October 15, 2015
Superposition at Carriageworks
Along with two friends I recently attended a performance entitled Superposition at Carriageworks in Sydney. Walking into the theatre, being handed earplugs and sitting down not knowing what to expect the room went black.
What followed was a strange mix performance featuring data and sound, building at points to climactic crescendos. Black and white data was displayed on three different screen displays, closest to us were 10 computer screens spaced roughly one metre apart. Behind this and slightly above was a screen around one meter tall stretching the full width of the lower displays. The final screen was like a small movie cinema against the back wall. Each of these displays were used in different ways, sometimes they worked in concert to dramatic effect. In front of the last display was a table with chairs.
The piece was set in different parts, almost like an album. A male and female performer entered the stage and performed tasks in a scientific emotionless manor at the table. Ranging from tuning fork sounding, Morse code typing, cryptic crossword solving and rolling small ball bearings the pairs actions were both creating the sounds and visuals for the piece while also prompting responses from the work.
The effect of being immersed in this sterile data heavy experience naturally raises questions of the relationship between humanity and technology. The starkness of the mostly black and white work and the scientific and political overtones leaves a cold and empty feeling.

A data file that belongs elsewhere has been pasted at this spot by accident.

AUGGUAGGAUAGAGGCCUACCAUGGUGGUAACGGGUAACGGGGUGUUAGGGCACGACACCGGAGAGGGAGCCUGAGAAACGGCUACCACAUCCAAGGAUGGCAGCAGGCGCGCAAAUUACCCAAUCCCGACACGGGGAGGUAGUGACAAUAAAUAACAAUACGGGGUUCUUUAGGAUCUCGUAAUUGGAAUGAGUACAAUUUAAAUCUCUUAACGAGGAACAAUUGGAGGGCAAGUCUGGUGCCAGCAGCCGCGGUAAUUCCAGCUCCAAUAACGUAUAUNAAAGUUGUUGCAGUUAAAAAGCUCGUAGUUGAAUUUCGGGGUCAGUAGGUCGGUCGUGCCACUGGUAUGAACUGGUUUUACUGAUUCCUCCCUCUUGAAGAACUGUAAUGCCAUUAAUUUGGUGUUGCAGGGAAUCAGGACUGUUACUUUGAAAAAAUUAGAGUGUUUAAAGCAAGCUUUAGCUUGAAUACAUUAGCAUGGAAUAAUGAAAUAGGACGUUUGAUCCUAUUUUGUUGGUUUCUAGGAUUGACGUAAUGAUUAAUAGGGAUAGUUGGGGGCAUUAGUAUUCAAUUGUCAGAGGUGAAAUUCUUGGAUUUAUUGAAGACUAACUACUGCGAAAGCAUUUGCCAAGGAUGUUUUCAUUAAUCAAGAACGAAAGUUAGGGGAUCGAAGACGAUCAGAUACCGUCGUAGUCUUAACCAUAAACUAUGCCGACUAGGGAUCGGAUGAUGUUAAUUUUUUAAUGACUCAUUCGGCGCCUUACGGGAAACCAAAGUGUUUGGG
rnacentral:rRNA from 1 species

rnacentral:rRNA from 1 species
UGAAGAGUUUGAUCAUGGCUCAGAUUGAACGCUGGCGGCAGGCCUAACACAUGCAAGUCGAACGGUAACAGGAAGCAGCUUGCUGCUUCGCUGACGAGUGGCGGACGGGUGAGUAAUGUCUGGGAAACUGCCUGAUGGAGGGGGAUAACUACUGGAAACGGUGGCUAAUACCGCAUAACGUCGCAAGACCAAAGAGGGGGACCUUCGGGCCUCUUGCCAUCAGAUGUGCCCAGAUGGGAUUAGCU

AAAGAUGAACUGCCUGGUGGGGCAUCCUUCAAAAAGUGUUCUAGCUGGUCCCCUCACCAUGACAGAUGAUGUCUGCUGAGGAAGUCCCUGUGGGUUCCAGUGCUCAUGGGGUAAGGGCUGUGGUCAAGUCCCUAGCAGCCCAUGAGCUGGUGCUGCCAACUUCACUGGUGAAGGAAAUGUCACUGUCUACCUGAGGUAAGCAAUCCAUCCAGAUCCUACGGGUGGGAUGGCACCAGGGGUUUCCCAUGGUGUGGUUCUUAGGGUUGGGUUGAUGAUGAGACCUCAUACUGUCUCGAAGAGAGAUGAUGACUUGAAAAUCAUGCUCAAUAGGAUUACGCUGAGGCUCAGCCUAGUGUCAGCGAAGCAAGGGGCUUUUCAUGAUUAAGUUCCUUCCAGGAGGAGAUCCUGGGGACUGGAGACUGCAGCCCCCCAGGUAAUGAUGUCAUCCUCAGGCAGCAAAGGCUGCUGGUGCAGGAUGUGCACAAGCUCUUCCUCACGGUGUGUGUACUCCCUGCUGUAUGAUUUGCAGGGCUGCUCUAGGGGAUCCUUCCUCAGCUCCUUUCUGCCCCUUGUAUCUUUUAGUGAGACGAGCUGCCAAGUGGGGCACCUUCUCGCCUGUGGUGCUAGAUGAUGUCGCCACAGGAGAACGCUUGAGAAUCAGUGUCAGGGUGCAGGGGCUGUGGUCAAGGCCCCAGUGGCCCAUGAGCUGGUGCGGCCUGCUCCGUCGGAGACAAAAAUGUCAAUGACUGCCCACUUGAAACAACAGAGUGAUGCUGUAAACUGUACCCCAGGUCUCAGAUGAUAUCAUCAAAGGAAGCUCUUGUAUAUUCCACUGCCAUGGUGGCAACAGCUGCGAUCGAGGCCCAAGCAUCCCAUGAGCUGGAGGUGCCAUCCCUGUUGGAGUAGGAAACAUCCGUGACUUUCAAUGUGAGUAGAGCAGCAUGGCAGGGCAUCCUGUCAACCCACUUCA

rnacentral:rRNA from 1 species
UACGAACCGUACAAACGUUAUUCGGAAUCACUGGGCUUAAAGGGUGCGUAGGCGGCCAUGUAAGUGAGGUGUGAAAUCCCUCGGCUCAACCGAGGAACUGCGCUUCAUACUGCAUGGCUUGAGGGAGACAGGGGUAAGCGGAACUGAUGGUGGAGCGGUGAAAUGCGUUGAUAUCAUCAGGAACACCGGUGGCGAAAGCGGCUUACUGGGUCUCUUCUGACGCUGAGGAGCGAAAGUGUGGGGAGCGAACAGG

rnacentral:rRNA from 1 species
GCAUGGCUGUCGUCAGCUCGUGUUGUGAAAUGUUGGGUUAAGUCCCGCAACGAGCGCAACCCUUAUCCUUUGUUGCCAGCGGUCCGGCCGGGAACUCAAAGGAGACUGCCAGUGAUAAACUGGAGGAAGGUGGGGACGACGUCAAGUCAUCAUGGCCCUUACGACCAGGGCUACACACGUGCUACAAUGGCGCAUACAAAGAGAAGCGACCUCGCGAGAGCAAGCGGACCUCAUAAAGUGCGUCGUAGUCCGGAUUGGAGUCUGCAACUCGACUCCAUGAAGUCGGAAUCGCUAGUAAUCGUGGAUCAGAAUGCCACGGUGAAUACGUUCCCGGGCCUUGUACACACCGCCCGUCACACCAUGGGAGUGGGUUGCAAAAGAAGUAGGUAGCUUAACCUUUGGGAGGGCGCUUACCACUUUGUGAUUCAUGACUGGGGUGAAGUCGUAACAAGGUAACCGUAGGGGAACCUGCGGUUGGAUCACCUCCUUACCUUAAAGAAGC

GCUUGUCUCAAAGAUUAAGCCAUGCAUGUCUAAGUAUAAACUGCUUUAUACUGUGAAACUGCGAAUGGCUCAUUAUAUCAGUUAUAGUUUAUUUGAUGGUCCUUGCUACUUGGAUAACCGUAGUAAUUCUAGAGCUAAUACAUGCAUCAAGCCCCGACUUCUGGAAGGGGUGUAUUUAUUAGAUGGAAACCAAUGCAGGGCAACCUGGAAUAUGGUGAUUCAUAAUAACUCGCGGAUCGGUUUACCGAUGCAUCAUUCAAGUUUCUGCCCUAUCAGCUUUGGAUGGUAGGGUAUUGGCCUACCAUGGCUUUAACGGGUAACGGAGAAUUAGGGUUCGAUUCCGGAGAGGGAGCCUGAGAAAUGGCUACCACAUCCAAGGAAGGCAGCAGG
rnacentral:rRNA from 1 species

After the performance Ryoji Ikeda took questions and explained what was behind the work. it was refreshing to hear him explain that while certain areas of science and physics were used as reference points, there was no explicit narrative. He also explained that while he composed the performance, it was only complete upon the audiences experiencing it.
While I found the performance to be interesting and and striking, at times it felt slightly laboured. I was surprised to learn after the piece one of my friends had fallen asleep shortly after the its start.
Earlier I had also experienced another of Ryoji Ikeda’s artworks at Carriageworks entitled Test Pattern [no 5]. Using a white light in a black room, barcode-like patterns were projected on to the floor, 30 meters long and 10 metres wide the patterns were constantly changing and in tune with loud, harsh synthetic sounds. The ability to interact and emerse yourself in this work gave it another dimension that was missing in Superposition.
If you get the chance – and you are open to artistic experiences – I would highly recommend experiencing either of these works if you get the chance.